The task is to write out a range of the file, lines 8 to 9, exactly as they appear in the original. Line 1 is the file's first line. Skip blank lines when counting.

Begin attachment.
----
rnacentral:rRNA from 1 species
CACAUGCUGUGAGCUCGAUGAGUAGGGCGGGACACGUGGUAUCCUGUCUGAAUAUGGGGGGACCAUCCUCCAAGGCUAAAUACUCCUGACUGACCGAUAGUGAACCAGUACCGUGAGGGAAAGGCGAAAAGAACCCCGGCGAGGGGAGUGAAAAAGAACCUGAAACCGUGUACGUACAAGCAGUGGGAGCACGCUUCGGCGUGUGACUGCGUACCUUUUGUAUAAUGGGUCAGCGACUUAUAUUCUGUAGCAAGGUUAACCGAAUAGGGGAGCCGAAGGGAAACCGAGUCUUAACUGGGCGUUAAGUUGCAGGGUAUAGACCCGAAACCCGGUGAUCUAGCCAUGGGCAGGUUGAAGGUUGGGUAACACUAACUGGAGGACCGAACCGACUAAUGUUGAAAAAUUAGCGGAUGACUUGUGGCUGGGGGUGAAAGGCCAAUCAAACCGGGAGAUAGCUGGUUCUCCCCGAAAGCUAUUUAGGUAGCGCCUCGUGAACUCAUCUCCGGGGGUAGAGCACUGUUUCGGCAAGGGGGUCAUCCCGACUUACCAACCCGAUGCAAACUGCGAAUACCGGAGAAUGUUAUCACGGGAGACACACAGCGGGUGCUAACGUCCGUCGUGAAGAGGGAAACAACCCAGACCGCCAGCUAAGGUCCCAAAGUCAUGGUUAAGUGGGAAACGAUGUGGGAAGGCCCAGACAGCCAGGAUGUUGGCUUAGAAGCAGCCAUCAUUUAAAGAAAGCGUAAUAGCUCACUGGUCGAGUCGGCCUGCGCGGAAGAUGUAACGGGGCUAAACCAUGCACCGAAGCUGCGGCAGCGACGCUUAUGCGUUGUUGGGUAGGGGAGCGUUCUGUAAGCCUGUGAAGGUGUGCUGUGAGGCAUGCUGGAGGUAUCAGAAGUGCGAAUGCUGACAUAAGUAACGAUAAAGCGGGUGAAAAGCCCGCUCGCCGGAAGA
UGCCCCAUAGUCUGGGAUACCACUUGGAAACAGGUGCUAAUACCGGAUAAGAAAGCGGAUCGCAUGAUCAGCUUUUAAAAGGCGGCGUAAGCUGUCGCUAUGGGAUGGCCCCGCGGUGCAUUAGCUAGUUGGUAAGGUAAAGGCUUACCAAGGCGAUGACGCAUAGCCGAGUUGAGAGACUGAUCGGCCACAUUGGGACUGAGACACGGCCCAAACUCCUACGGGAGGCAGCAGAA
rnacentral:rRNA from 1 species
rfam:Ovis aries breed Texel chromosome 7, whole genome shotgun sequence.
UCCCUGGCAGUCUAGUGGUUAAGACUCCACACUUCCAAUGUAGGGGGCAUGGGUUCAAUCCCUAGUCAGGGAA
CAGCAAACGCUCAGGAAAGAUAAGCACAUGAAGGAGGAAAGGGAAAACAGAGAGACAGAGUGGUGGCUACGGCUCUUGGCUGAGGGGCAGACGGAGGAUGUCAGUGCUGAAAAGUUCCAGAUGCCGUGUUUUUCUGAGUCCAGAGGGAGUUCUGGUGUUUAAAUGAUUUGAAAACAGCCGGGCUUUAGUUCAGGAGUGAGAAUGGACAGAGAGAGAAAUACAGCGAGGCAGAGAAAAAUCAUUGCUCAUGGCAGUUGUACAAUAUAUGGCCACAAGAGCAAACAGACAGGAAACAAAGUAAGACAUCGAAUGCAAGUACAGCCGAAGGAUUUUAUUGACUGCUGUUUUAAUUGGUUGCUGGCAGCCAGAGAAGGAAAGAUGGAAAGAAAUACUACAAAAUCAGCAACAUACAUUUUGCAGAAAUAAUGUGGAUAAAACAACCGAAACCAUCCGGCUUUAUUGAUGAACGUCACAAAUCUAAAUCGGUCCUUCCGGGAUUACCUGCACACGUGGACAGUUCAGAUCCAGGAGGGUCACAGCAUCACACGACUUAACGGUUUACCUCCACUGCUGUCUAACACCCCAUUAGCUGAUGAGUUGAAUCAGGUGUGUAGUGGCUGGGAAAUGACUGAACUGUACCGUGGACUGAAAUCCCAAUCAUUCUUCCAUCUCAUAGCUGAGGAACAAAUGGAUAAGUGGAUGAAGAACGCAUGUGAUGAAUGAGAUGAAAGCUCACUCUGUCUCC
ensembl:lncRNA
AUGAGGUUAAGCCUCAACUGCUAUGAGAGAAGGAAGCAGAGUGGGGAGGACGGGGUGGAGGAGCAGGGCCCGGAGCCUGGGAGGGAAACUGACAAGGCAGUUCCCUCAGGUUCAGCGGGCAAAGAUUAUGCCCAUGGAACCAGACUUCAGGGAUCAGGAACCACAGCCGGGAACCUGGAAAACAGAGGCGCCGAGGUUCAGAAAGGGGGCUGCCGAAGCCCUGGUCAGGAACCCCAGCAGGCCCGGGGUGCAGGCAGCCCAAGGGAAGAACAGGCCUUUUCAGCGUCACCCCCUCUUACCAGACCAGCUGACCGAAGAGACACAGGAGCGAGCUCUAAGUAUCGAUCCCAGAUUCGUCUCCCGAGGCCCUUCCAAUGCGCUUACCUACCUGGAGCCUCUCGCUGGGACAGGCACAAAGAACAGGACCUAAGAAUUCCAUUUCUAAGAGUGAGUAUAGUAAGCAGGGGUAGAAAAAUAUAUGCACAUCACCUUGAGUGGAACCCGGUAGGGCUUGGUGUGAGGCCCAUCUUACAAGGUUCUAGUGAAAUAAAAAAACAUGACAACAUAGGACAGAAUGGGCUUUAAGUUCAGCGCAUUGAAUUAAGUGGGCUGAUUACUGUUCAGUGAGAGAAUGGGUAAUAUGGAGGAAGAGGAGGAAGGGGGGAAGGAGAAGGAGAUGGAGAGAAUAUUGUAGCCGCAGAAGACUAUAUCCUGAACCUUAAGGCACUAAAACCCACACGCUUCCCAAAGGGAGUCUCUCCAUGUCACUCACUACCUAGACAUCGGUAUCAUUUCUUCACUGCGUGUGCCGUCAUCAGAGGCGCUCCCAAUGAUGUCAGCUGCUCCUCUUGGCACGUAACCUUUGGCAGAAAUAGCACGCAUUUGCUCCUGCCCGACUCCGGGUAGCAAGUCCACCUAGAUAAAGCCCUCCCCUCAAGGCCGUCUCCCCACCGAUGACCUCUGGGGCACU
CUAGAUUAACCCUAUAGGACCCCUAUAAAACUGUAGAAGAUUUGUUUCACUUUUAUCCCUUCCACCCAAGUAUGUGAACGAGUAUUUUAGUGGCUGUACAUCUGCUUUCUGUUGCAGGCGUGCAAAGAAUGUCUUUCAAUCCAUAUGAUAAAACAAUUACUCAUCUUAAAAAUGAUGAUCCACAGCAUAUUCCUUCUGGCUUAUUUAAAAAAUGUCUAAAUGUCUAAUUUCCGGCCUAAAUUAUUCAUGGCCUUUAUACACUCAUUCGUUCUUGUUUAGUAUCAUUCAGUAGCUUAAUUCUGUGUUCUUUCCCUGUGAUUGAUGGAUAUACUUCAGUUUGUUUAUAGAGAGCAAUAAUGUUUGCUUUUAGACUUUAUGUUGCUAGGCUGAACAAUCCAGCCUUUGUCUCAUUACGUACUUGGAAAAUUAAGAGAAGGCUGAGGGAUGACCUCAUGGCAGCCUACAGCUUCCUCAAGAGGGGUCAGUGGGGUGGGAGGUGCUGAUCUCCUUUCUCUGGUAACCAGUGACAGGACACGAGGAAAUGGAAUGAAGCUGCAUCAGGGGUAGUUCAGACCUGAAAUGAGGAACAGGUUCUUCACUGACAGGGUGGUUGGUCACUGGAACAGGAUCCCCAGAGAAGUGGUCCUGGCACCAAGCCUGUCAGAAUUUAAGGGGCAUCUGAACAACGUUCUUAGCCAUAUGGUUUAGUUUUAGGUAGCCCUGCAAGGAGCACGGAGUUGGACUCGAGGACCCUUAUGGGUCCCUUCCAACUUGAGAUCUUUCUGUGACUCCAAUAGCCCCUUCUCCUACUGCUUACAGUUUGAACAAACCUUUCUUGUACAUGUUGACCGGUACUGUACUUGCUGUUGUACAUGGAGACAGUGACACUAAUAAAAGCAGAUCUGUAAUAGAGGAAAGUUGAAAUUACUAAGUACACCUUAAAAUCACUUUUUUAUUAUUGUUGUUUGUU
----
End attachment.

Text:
ensembl:lncRNA
AUGAGGUUAAGCCUCAACUGCUAUGAGAGAAGGAAGCAGAGUGGGGAGGACGGGGUGGAGGAGCAGGGCCCGGAGCCUGGGAGGGAAACUGACAAGGCAGUUCCCUCAGGUUCAGCGGGCAAAGAUUAUGCCCAUGGAACCAGACUUCAGGGAUCAGGAACCACAGCCGGGAACCUGGAAAACAGAGGCGCCGAGGUUCAGAAAGGGGGCUGCCGAAGCCCUGGUCAGGAACCCCAGCAGGCCCGGGGUGCAGGCAGCCCAAGGGAAGAACAGGCCUUUUCAGCGUCACCCCCUCUUACCAGACCAGCUGACCGAAGAGACACAGGAGCGAGCUCUAAGUAUCGAUCCCAGAUUCGUCUCCCGAGGCCCUUCCAAUGCGCUUACCUACCUGGAGCCUCUCGCUGGGACAGGCACAAAGAACAGGACCUAAGAAUUCCAUUUCUAAGAGUGAGUAUAGUAAGCAGGGGUAGAAAAAUAUAUGCACAUCACCUUGAGUGGAACCCGGUAGGGCUUGGUGUGAGGCCCAUCUUACAAGGUUCUAGUGAAAUAAAAAAACAUGACAACAUAGGACAGAAUGGGCUUUAAGUUCAGCGCAUUGAAUUAAGUGGGCUGAUUACUGUUCAGUGAGAGAAUGGGUAAUAUGGAGGAAGAGGAGGAAGGGGGGAAGGAGAAGGAGAUGGAGAGAAUAUUGUAGCCGCAGAAGACUAUAUCCUGAACCUUAAGGCACUAAAACCCACACGCUUCCCAAAGGGAGUCUCUCCAUGUCACUCACUACCUAGACAUCGGUAUCAUUUCUUCACUGCGUGUGCCGUCAUCAGAGGCGCUCCCAAUGAUGUCAGCUGCUCCUCUUGGCACGUAACCUUUGGCAGAAAUAGCACGCAUUUGCUCCUGCCCGACUCCGGGUAGCAAGUCCACCUAGAUAAAGCCCUCCCCUCAAGGCCGUCUCCCCACCGAUGACCUCUGGGGCACU